Who Determines Entrepreneurship?

Publication, Taxation, Ken Phillips

There are 2.6 million self-employed people in Canada. Even though the Canadian and provincial governments generally have formally stated positive attitudes toward self-employed people, key aspects of tax administration are biased against people being self-employed. This blocks entrepreneurship. To understand how the bias works, a brief overview of the Canadian tax administration process is needed.
A quick overview of the administration of tax raising in Canada
The Canada Revenue Agency (CRA) provides revenue-raising administration services for the Canadian federal and provincial governments. When Canadians pay taxes, the notices they receive from CRA itemises the:
  • Federal tax payment;
  • Provincial tax payment for the province in which they live.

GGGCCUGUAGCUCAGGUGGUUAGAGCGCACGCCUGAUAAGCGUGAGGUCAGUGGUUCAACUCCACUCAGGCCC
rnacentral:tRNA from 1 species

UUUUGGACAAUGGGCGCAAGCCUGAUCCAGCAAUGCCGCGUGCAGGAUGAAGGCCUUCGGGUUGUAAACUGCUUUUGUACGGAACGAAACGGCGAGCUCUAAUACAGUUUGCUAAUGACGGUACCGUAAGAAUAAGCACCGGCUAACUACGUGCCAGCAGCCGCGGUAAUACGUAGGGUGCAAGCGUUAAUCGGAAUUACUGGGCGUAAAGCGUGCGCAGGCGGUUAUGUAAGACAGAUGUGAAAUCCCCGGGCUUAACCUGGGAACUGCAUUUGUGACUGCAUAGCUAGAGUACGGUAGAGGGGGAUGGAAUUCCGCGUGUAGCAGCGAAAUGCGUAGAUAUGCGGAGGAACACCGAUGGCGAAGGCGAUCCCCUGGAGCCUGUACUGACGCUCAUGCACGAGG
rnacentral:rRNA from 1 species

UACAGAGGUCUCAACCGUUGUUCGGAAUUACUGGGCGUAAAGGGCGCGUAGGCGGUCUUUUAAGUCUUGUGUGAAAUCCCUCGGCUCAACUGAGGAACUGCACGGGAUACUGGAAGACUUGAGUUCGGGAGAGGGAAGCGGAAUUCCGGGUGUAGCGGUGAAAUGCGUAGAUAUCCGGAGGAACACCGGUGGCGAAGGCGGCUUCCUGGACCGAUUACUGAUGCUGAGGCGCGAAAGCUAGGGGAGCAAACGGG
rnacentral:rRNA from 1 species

They also includes deductions and payments for:
  • The compulsory Canada Pension Plan;
  • Employment Insurance premiums.
Canada Pension Plan
Under the Canada Pension Plan it is compulsory for contributions to be made to the Plan in equal amounts by an employer and employee. Employers must make both the employer’s and employee’s payments to the Canada Revenue Agency. Self-employed people must also contribute, paying both portions. Canadians receive payments from the fund when they retire, based on the amount of credits they have built up in the fund over their working lives. The fund is entirely financed by contributions and investments.
Canadian Employment Insurance
Under Employment Insurance (EI) (see here and here) it is compulsory for employees to make contributions (via their employer) to EI, with employers making additional contributions for employees. The employer must make the payments to the Canada Revenue Agency. Self-employed people do not make contributions to EI. Anyone who is out of work can receive unemployment benefits, but only if they have contributed to the scheme. In other words, self-employed individuals cannot receive unemployment benefits from EI.
[Note: Self-employed people can choose to join EI, pay premiums and receive payments for ‘special benefits’ covering maternity, parental, sickness and compassionate care.]

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